Here are the ear-cleaning do’s, don’ts, and please-don’t-but-if-you-do’s you need to know.
OK, so first of all, you don’t actually need to clean your ears.
“Generally speaking, the ear canal is self-cleaning,” Dr. Christopher Chang, an otolaryngologist in Warrenton, Virginia, told SELF. “You really don’t have to do a whole lot. In certain individuals, earwax can build up in the ear canal—and you don’t want it to build up to the point where you can’t hear. But the majority of folks don’t have to do anything.”
That said, we know you’re cleaning your ears with Q-tips, even though everyone says you shouldn’t.
“Everyone knows you’re not suppose to use them, and yet everyone does it,” Chang said. “I’m not going to get all bent out of shape if someone admits to using Q-tips. You just want to make sure that your ear is safe.”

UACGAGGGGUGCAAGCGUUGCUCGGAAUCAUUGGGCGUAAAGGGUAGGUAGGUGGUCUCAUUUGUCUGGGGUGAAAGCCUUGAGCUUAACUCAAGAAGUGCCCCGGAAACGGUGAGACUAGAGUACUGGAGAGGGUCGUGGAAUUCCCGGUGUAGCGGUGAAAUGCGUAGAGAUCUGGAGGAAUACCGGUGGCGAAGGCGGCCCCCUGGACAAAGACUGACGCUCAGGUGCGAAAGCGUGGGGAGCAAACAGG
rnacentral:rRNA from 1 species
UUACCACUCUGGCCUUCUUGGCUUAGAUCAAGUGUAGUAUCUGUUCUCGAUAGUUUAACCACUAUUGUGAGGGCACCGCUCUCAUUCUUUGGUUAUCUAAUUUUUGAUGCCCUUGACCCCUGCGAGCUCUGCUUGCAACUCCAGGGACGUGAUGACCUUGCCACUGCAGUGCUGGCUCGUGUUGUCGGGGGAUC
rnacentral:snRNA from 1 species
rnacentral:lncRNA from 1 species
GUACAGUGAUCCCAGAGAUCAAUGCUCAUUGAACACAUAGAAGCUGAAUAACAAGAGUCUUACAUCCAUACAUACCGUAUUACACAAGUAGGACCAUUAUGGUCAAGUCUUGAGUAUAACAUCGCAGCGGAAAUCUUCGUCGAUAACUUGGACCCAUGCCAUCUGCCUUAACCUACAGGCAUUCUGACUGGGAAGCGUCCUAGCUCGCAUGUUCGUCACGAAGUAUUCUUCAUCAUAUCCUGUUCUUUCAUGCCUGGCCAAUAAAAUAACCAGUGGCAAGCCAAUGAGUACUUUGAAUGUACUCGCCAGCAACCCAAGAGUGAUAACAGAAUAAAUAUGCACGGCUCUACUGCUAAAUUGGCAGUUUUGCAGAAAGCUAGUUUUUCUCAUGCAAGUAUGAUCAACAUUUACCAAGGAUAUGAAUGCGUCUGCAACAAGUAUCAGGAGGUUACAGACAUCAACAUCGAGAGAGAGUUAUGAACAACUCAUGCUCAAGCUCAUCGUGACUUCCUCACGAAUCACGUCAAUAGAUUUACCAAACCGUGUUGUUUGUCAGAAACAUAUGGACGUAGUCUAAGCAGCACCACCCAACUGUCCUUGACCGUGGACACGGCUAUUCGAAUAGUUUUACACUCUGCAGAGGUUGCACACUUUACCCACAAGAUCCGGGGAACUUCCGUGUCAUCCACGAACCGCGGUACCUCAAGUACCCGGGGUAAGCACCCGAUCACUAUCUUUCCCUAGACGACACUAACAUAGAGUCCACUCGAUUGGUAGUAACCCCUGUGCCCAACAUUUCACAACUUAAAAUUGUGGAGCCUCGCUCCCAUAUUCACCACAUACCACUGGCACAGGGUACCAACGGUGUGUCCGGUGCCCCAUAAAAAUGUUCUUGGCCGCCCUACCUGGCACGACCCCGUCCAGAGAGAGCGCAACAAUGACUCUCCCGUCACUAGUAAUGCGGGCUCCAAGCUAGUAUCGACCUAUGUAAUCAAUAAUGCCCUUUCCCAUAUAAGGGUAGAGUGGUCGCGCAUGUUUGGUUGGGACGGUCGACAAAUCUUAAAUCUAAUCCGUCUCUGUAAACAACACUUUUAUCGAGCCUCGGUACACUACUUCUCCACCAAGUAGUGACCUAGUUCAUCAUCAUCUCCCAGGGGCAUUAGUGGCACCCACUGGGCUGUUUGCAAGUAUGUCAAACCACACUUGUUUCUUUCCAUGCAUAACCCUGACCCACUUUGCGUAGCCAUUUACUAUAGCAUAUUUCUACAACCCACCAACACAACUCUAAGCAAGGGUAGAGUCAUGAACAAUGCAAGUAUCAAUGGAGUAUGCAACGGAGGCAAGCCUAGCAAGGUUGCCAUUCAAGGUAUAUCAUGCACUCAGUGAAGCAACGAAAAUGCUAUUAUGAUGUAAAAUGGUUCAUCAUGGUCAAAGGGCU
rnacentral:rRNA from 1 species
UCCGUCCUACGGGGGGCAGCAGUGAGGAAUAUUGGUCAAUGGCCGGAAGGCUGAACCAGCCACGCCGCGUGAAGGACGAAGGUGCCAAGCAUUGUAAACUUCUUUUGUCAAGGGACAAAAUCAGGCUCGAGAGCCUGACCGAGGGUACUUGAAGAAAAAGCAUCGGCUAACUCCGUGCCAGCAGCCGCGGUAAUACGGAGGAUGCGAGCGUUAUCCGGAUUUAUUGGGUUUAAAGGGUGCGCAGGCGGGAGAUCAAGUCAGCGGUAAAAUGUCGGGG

The dangers of sticking a cotton swab into your ear are real. And there’s a range of damage you can do.
The most basic issue is that using a Q-tip is probably doing the opposite of what it’s supposed to do. Your intention is to get earwax out, but you’re probably just packing it deeper in there, which can plug up your ear canal and make you feel stuffy or itchy, or can interfere with your hearing. If the ear canal is totally blocked with wax you can get tinnitus, a ringing or buzzing in the ear.
The skin inside your ear canal is also really, really sensitive, so scraping around in there with a stick wrapped in cotton can scratch it, which leaves you open to ear infections. If an infection gets really bad you can get swimmer’s ear, which is when the skin swells up so much that it completely closes the ear canal. It’s also really painful.
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